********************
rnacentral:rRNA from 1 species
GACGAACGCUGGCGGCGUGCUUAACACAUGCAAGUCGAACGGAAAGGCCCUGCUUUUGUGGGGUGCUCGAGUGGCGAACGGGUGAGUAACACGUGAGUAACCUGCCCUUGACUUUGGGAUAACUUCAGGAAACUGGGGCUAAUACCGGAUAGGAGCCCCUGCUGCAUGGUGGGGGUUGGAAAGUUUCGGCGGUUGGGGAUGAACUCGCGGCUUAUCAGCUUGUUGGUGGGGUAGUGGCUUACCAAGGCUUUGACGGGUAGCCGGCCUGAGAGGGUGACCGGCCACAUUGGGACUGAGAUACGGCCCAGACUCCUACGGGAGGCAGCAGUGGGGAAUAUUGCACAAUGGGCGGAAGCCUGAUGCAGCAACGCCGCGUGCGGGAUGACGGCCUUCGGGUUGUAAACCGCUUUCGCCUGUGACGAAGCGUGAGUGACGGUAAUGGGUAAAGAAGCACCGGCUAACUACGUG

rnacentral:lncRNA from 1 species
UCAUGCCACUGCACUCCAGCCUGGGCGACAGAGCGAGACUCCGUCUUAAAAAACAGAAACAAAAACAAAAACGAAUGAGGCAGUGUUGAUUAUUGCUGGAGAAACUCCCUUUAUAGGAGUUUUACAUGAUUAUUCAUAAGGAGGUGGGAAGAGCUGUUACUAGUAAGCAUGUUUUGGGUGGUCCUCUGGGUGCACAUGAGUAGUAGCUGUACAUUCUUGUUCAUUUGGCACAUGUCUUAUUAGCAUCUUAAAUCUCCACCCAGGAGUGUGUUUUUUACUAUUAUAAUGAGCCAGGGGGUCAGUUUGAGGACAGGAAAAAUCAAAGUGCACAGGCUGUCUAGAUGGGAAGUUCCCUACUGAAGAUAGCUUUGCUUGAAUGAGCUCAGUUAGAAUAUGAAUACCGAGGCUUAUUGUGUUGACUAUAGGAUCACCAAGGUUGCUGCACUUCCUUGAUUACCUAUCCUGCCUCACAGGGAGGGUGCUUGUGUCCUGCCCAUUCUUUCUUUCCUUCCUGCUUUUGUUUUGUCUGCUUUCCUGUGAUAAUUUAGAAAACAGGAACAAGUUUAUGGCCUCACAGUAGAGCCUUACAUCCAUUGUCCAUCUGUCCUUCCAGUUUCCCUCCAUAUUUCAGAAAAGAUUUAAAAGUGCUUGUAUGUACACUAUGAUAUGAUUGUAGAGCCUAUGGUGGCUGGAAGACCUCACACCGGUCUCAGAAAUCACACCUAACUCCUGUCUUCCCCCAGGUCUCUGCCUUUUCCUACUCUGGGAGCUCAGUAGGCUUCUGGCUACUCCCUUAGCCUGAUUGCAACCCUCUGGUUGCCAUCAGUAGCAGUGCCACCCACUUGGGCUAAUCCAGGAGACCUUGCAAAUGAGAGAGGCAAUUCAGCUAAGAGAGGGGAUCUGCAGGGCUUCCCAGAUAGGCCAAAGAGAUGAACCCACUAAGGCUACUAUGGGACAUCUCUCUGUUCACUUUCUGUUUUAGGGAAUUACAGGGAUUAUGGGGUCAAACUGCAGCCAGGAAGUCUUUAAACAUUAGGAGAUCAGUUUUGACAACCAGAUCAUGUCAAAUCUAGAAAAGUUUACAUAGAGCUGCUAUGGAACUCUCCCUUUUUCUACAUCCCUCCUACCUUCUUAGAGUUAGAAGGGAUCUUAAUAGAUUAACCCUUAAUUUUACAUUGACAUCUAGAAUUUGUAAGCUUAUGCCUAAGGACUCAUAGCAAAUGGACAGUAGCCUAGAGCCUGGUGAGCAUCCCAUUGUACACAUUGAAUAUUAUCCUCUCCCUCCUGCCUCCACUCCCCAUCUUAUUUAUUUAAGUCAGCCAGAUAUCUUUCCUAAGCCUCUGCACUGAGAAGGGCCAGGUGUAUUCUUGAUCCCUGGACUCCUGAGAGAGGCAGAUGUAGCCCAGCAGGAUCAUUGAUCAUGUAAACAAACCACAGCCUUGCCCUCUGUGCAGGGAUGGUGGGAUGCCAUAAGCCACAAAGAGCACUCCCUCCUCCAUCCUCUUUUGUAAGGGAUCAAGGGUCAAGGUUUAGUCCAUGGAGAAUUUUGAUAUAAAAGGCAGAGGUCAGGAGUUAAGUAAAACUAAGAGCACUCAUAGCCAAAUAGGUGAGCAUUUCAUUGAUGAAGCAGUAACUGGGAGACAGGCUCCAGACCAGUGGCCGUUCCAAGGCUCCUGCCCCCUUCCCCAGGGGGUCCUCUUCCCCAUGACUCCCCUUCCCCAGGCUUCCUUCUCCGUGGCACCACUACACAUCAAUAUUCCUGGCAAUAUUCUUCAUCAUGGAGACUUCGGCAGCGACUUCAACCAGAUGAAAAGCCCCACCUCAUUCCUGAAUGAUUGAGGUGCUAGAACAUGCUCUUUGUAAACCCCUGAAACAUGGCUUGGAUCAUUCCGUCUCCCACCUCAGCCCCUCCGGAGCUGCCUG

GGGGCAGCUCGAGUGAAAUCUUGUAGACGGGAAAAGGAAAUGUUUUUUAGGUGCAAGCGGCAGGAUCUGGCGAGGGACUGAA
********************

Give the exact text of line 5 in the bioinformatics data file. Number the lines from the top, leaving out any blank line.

GGGGCAGCUCGAGUGAAAUCUUGUAGACGGGAAAAGGAAAUGUUUUUUAGGUGCAAGCGGCAGGAUCUGGCGAGGGACUGAA